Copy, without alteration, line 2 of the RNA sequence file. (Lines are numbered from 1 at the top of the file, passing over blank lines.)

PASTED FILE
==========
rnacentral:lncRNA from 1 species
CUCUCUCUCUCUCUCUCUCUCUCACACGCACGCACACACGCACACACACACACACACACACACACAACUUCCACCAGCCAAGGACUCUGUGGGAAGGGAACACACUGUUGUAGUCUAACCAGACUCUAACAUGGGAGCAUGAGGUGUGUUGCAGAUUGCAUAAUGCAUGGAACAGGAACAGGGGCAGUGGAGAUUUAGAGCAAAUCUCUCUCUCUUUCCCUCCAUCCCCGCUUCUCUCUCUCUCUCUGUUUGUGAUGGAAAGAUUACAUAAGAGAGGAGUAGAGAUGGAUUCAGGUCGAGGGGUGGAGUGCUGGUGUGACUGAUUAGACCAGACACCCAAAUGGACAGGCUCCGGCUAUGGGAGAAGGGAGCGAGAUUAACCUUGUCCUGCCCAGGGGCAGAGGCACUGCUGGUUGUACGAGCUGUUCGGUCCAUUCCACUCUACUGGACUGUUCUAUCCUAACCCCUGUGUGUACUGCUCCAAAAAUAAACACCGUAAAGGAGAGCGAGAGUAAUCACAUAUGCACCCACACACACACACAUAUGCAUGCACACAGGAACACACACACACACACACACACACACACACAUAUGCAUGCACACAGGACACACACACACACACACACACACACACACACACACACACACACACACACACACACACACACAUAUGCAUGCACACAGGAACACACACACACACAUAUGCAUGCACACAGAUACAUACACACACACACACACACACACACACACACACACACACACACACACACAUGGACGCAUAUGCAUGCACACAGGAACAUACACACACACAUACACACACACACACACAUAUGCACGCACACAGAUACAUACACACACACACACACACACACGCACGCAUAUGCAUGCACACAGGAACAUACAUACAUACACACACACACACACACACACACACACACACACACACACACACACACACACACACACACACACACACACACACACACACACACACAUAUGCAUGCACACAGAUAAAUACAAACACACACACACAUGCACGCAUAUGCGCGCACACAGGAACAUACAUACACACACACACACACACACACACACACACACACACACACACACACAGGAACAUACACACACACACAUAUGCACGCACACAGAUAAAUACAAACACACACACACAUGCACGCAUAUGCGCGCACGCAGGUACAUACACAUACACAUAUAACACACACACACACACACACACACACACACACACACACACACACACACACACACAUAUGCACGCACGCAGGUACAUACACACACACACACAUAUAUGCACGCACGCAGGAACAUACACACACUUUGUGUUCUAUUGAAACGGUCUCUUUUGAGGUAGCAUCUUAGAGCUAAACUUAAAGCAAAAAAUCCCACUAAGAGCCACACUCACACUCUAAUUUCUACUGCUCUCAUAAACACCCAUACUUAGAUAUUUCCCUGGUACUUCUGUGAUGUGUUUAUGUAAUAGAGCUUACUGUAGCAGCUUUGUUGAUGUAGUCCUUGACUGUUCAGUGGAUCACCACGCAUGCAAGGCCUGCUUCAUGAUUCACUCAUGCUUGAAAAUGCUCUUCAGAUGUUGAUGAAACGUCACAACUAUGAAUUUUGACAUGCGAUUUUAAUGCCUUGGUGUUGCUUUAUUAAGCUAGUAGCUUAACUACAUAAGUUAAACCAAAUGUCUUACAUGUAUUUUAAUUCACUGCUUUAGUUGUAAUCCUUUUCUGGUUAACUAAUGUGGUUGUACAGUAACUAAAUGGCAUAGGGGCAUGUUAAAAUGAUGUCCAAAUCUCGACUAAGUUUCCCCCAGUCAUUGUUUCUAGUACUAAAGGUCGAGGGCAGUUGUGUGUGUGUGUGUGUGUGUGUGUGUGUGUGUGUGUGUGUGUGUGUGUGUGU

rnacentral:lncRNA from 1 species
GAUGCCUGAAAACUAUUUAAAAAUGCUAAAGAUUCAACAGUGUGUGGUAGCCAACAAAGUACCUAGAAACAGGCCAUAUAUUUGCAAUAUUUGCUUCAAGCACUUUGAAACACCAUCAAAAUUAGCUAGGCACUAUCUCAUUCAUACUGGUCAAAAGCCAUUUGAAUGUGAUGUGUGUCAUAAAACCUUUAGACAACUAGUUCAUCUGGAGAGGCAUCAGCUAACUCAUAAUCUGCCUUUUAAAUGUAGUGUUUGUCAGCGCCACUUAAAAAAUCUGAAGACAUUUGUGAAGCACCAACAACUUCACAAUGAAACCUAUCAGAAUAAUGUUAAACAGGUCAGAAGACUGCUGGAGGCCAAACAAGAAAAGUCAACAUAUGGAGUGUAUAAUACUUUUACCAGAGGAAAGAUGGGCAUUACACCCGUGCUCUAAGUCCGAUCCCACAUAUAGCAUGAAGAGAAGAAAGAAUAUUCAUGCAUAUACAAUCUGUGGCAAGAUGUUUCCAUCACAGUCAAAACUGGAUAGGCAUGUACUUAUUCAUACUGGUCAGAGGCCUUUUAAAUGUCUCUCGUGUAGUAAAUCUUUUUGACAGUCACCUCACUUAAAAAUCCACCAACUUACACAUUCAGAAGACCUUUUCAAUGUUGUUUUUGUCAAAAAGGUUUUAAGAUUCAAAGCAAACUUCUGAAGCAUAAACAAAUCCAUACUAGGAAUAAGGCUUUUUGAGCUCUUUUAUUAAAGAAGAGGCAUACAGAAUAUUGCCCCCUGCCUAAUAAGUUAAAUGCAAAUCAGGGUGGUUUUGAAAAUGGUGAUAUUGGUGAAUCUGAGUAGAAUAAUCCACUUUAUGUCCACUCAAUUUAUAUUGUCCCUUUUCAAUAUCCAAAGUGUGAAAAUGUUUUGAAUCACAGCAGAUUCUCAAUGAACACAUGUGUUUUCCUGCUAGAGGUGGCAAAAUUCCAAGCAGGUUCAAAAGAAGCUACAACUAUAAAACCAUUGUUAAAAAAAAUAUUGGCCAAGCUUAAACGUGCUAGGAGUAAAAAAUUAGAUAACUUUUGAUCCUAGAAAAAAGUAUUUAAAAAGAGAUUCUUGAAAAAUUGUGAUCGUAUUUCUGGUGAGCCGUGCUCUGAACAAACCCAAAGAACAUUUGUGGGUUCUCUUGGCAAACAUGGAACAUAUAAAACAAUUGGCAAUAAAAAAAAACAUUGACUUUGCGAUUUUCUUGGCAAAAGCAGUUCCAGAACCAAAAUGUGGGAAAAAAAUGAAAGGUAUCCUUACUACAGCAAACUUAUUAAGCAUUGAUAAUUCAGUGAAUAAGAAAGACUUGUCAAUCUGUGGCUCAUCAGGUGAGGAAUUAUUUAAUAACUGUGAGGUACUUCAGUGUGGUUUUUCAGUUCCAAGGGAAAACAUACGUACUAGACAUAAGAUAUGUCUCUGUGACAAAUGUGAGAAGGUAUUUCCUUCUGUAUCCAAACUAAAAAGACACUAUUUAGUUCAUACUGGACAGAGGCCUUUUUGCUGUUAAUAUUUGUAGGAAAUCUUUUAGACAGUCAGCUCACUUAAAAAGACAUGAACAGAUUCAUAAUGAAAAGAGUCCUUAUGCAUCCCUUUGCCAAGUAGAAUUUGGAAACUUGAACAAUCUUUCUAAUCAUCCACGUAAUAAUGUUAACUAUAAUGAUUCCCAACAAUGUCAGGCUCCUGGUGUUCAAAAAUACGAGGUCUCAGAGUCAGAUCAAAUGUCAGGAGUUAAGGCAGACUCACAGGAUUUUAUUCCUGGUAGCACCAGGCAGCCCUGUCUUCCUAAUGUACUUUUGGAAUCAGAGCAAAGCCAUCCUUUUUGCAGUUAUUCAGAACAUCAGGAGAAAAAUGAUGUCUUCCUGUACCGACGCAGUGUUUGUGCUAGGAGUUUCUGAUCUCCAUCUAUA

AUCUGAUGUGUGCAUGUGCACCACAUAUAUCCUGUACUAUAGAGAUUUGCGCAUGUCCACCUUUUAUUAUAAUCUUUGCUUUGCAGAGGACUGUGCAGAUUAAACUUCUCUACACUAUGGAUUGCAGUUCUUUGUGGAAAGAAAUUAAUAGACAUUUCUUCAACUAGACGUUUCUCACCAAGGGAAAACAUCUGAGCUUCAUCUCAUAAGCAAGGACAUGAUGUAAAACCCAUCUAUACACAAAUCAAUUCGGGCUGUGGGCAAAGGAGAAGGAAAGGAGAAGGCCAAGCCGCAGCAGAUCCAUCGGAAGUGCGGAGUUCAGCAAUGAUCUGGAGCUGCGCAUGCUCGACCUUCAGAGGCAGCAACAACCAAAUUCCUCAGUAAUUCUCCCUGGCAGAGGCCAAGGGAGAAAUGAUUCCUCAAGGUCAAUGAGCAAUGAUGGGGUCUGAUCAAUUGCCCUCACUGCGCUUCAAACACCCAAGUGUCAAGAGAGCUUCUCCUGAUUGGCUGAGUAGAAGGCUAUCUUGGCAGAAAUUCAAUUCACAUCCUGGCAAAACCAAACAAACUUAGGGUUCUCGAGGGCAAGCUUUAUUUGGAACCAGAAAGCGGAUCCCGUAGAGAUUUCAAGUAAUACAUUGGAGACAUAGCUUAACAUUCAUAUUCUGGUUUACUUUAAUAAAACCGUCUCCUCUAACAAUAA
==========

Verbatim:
CUCUCUCUCUCUCUCUCUCUCUCACACGCACGCACACACGCACACACACACACACACACACACACAACUUCCACCAGCCAAGGACUCUGUGGGAAGGGAACACACUGUUGUAGUCUAACCAGACUCUAACAUGGGAGCAUGAGGUGUGUUGCAGAUUGCAUAAUGCAUGGAACAGGAACAGGGGCAGUGGAGAUUUAGAGCAAAUCUCUCUCUCUUUCCCUCCAUCCCCGCUUCUCUCUCUCUCUCUGUUUGUGAUGGAAAGAUUACAUAAGAGAGGAGUAGAGAUGGAUUCAGGUCGAGGGGUGGAGUGCUGGUGUGACUGAUUAGACCAGACACCCAAAUGGACAGGCUCCGGCUAUGGGAGAAGGGAGCGAGAUUAACCUUGUCCUGCCCAGGGGCAGAGGCACUGCUGGUUGUACGAGCUGUUCGGUCCAUUCCACUCUACUGGACUGUUCUAUCCUAACCCCUGUGUGUACUGCUCCAAAAAUAAACACCGUAAAGGAGAGCGAGAGUAAUCACAUAUGCACCCACACACACACACAUAUGCAUGCACACAGGAACACACACACACACACACACACACACACACAUAUGCAUGCACACAGGACACACACACACACACACACACACACACACACACACACACACACACACACACACACACACACAUAUGCAUGCACACAGGAACACACACACACACAUAUGCAUGCACACAGAUACAUACACACACACACACACACACACACACACACACACACACACACACACACAUGGACGCAUAUGCAUGCACACAGGAACAUACACACACACAUACACACACACACACACAUAUGCACGCACACAGAUACAUACACACACACACACACACACACGCACGCAUAUGCAUGCACACAGGAACAUACAUACAUACACACACACACACACACACACACACACACACACACACACACACACACACACACACACACACACACACACACACACACACACACACAUAUGCAUGCACACAGAUAAAUACAAACACACACACACAUGCACGCAUAUGCGCGCACACAGGAACAUACAUACACACACACACACACACACACACACACACACACACACACACACACAGGAACAUACACACACACACAUAUGCACGCACACAGAUAAAUACAAACACACACACACAUGCACGCAUAUGCGCGCACGCAGGUACAUACACAUACACAUAUAACACACACACACACACACACACACACACACACACACACACACACACACACACACAUAUGCACGCACGCAGGUACAUACACACACACACACAUAUAUGCACGCACGCAGGAACAUACACACACUUUGUGUUCUAUUGAAACGGUCUCUUUUGAGGUAGCAUCUUAGAGCUAAACUUAAAGCAAAAAAUCCCACUAAGAGCCACACUCACACUCUAAUUUCUACUGCUCUCAUAAACACCCAUACUUAGAUAUUUCCCUGGUACUUCUGUGAUGUGUUUAUGUAAUAGAGCUUACUGUAGCAGCUUUGUUGAUGUAGUCCUUGACUGUUCAGUGGAUCACCACGCAUGCAAGGCCUGCUUCAUGAUUCACUCAUGCUUGAAAAUGCUCUUCAGAUGUUGAUGAAACGUCACAACUAUGAAUUUUGACAUGCGAUUUUAAUGCCUUGGUGUUGCUUUAUUAAGCUAGUAGCUUAACUACAUAAGUUAAACCAAAUGUCUUACAUGUAUUUUAAUUCACUGCUUUAGUUGUAAUCCUUUUCUGGUUAACUAAUGUGGUUGUACAGUAACUAAAUGGCAUAGGGGCAUGUUAAAAUGAUGUCCAAAUCUCGACUAAGUUUCCCCCAGUCAUUGUUUCUAGUACUAAAGGUCGAGGGCAGUUGUGUGUGUGUGUGUGUGUGUGUGUGUGUGUGUGUGUGUGUGUGUGUGUGUGU